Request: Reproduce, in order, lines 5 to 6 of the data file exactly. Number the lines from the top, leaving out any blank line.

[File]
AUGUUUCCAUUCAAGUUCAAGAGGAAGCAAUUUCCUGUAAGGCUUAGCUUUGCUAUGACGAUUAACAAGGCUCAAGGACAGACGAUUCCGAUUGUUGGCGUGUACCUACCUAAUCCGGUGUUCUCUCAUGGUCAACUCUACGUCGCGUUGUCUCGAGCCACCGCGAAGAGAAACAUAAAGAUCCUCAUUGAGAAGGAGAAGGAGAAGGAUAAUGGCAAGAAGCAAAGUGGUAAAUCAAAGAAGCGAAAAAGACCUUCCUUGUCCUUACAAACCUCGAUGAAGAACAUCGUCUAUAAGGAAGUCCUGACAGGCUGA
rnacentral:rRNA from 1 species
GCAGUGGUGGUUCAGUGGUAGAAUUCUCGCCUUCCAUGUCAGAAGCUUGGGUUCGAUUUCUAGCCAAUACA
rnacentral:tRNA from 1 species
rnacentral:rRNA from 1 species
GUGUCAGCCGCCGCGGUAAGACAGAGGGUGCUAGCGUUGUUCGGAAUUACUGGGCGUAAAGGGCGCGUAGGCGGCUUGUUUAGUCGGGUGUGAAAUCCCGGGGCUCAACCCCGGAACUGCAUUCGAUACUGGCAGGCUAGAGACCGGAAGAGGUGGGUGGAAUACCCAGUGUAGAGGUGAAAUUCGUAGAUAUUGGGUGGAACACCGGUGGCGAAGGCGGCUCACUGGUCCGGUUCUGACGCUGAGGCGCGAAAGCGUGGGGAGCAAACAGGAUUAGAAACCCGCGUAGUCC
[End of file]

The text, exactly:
rnacentral:rRNA from 1 species
GUGUCAGCCGCCGCGGUAAGACAGAGGGUGCUAGCGUUGUUCGGAAUUACUGGGCGUAAAGGGCGCGUAGGCGGCUUGUUUAGUCGGGUGUGAAAUCCCGGGGCUCAACCCCGGAACUGCAUUCGAUACUGGCAGGCUAGAGACCGGAAGAGGUGGGUGGAAUACCCAGUGUAGAGGUGAAAUUCGUAGAUAUUGGGUGGAACACCGGUGGCGAAGGCGGCUCACUGGUCCGGUUCUGACGCUGAGGCGCGAAAGCGUGGGGAGCAAACAGGAUUAGAAACCCGCGUAGUCC